The global target of the Joint United Nations Programme on human immunodeficiency virus (HIV)/acquired immunodeficiency syndrome (AIDS) (UNAIDS) to combat HIV infection by 2020 is summarized as the 90–90–90 target1,2. Since the innovative study by Granich in 2009, it has been recommended to initiate antiretroviral therapy (ART) as soon as an individual is diagnosed with an HIV infection, and early treatment is considered as the top priority in HIV management by clinicians3. A recent mathematical modelling study reported that interventions for HIV infection will impact the basic reproduction number and HIV incidence if they target HIV patients who are not yet undergoing ART rather than those who are already undergoing ART4.

An adherence to ART of 95% is required as an appropriate level to achieve maximal viral suppression5,6,7 and lower the rate of opportunistic infections8. Non-adherence is related to the development of ART resistance9, progression to AIDS10, and death11. However, in clinical practice, the maintenance of optimal ART adherence is challenging. A meta-analysis of 84 studies estimated that only 62% of HIV patients achieved optimal adherence (of >90%)12. Despite complete government funding of the medical service fees relevant to HIV (including ART) in Korea, there are limited data on medication adherence at the national level. In a setting in which patients have very low barriers to treatment, there may be risk factors for low ART adherence that have not been previously reported. In a former Korean study, continuity of care was assessed by analysing the consistency of hospital visits in 3- month intervals using a hospital-based HIV cohort of 247 patients who started ART between 2002 and 200813. However, whether an individual is being treated with ART, and the continuity of medications are more valuable and direct indices than the number of clinic visits. Therefore, this study aimed to estimate the ART adherence of incident HIV-infected individuals and to investigate factors affecting low medication adherence in Korea.


General characteristics of the study population

The annual number of HIV-infected individuals recruited from the national health insurance (NHI) cohort data using ART prescriptions was comparable to the actual number reported in the annual HIV incidence report of the Korea Centre for Infectious Disease Control and Prevention (KCDC). In Korea, public and private clinics mandatorily report all HIV-infected individuals to the KCDC.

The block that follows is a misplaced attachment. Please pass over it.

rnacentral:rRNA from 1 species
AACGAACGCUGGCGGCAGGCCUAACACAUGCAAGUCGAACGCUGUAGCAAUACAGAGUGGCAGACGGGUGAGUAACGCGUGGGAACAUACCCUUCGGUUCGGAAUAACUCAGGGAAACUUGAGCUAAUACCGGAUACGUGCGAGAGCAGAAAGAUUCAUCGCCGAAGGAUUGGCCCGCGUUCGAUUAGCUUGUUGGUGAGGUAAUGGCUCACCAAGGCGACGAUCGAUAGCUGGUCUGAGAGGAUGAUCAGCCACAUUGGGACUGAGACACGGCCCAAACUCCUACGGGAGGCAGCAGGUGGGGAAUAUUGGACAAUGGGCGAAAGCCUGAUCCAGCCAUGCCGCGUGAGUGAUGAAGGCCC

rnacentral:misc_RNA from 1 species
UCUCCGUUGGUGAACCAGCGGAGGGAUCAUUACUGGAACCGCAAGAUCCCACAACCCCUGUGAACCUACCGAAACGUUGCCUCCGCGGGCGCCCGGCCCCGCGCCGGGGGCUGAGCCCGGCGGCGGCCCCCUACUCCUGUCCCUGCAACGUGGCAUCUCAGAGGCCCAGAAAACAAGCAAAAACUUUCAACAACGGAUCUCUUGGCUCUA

The study population consisted of 8,501 HIV-infected individuals during 2009–2016 (Fig. 1). We identified 5,981 (70.4%), 798 (9.4%), 654 (7.7%), and 1,068 (12.6%) individuals in the four medication possession ratio (MPR) groups (≥95%, 80–95%, 50–80%, and <50%), respectively (Table 1). Men accounted for 92% of the study population. In both cases of AIDS defining illness and requiring prophylactic antibiotics, we observed the highest proportion of individuals in the MPR <50% group with statistically significant trend of increase as adherence gets worse. Most patients (93%) were insured through the NHI, with the remaining 7% being covered by the National Medical Aid (NMA) (p < 0.0001). In case of the year of diagnosis, the proportion of patients with adequate adherence of MPR ≥95% increased continuously from 2009 to 2016 with statistically significant trend (p < 0.0001). When long term follow-up loss (LTFUL) was defined as no record of a clinic visit for ART prescription for same or more than a year, 223 (20.9%) belonged in MPR <50% group while 16 (0.3%) were in MPR ≥95% group (p < 0.0001).

Figure 1
figure 1

Flow chart of study population Abbreviations: ART, antiretroviral therapy; HIV, human immunodeficiency virus; PEP, post-exposure prophylaxis; PrEP, pre-exposure prophylaxis; STD, sexually transmitted disease.

Table 1 Characteristics of newly diagnosed HIV-infected individuals by medication possession ratio, 2009–2016.

Hospital visit characteristics